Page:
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Aritzia doesn’t have private mirrors in its fitting rooms, and many people don’t like it | CBC News

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For better or worse, Aritzia has been enjoying a moment in the sun.

The Canadian retailer is “the hottest fashion chain in the U.S.,” Bloomberg said in January, after U.S. sales surged 78 per cent in the last year. 

And on TikTok, where Gen Z fashionistas show off their hauls, #aritzia videos have more than 1.7 billion views. (Videos about its famous Super Puff jackets have more than 58.9 million, alone).

But with fame comes scrutiny, and the “everyday luxury” retailer has been coming under fire online for, among other things, its mirrorless fitting rooms, which force those trying on clothes to walk into a communal mirrored area staffed with sales associates if they want to see how they look.

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It’s a “fashion show against your will,” said one TikTokker

“It is a very demeaning experience,” Pamela Rutledge, an expert on psychology and the media, told CBC News.

“It’s actually very disrespectful to the customer. [Aritzia] may be trying to be edgy or modern, or emphasize that it’s not about the body, but they’re actually doing exactly the opposite.”

Mirrorless for some 40 years

Such complaints are not new. In 2012, one woman told The Globe and Mail she’d never felt insecure about her curves until she tried on clothes in front of the communal mirror in Aritzia’s Manhattan store.

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“There’s a woman who’s a size 24 [waist] trying on the same shorts,” she said. “You’re forced to compare yourself.”

An Artzia spokesperson says the communal approach has been a “core component of its customer experience for almost 40 years.” The company was founded in Vancouver in 1984. 

They allow “a high level of support from our style advisors, including personalized styling insight, in a welcoming environment that cultivates a sense of community,” the spokesperson said in a statement. 

“Our primary goal is for every client to feel supported during their visits.”

WATCH | Aritzia’s big expansion plans:

Aritzia sets its sights on U.S. fame

Aritzia, the Vancouver-based women’s wear company that’s long been a mainstay in Canada, is exploding in popularity in the U.S. with plans for a major expansion south of the border. But experts warn that expanding too quickly could backfire.

Sales tactic

Matthew Philp, an assistant professor in marketing at Toronto Metropolitan University, sees it as a sales and marketing tactic. 

Getting a customer out of the change room gives potentially two groups of people — the employees and whoever the person may be shopping with — the opportunity to convince that person to buy the items.

Plus, because retailers want customers to showcase their products online, the lighting and atmosphere of the communal area looks better in photos and videos than the inside of a small change room, he said.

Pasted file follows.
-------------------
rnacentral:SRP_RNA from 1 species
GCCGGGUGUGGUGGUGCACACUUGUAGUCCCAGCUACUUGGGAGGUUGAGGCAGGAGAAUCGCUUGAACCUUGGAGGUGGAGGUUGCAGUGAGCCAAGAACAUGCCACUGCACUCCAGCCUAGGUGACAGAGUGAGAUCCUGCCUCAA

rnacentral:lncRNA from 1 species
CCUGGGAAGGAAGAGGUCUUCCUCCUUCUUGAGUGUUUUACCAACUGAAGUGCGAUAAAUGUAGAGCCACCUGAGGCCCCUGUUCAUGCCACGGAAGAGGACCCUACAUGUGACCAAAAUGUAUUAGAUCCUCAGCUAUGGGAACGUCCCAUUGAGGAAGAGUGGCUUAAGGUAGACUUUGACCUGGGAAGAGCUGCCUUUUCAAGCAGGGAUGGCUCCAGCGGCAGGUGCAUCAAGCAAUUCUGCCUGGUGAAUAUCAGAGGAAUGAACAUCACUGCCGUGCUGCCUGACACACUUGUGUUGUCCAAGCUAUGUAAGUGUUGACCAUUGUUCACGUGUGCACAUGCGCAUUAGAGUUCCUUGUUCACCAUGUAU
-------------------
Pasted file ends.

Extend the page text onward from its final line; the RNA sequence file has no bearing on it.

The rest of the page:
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“Stores have become a lot more experiential, and stores like that likely put a lot more effort into the ‘showroom’ kind of atmosphere,” Philp said.

“They’re thinking of how this will look more online rather than how it looks specifically on the person right then and there.”

In its fourth quarter results, posted in May, Aritzia said it plans more expansion in 2024, with eight new boutiques and four boutique expansions or repositions, all in the U.S. 

Three manequins are draped in women's clothing inside a store. In the background are racks filled with other clothes.
The interior of an Aritzia store, in New York City’s Flatiron District, on Jan. 21. (Sean Conaboy/CBC)

‘Invites judgment’

In the comments on a video CBC posted about mirrorless change rooms, some shoppers said they enjoyed or even preferred the experience. A few said it’s good marketing, others said they liked the space to move around and the good lighting.

“Many times I’ve seen items on others and asked for the same in my size,” one person wrote.

But others said they didn’t shop at Aritzia precisely because of its change rooms. 

“Their sizing runs small and anyone above a Size 10 may not want to risk a walk of shame if it’s ill-fitting,” another person wrote.

Emerging from a dressing room can be very triggering for someone with anxiety or an eating disorder, said Dr. Susan Albers, a clinical psychologist who specializes in body image. People tend to judge themselves in comparison to others, she said, and standing next to someone can taint or skew how you see yourself.

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“When we look into a mirror with other people around us, it invites judgment and the opinions of other people. It doesn’t give us the luxury or the privacy to tune into our own opinion,” Albers said.

If you find yourself uncomfortable in a communal change room situation, Albers recommends you look around and see who else is there before you get changed, so you’re prepared. Take a deep breath when you emerge, and take note of how the outfit makes you feel before you get a visual, she added.

“Tune into yourself and trust your own judgment.”

And if you’re really uncomfortable, Aritzia says you can still ask for a mirror — all stores offer at least one fitting room with either a permanent or roll-in mirror.

“Asking for a mirror is almost more embarrassing than the communal mirrors tho,” one person wrote in a comment with more than 6,000 likes on a popular TikTok video

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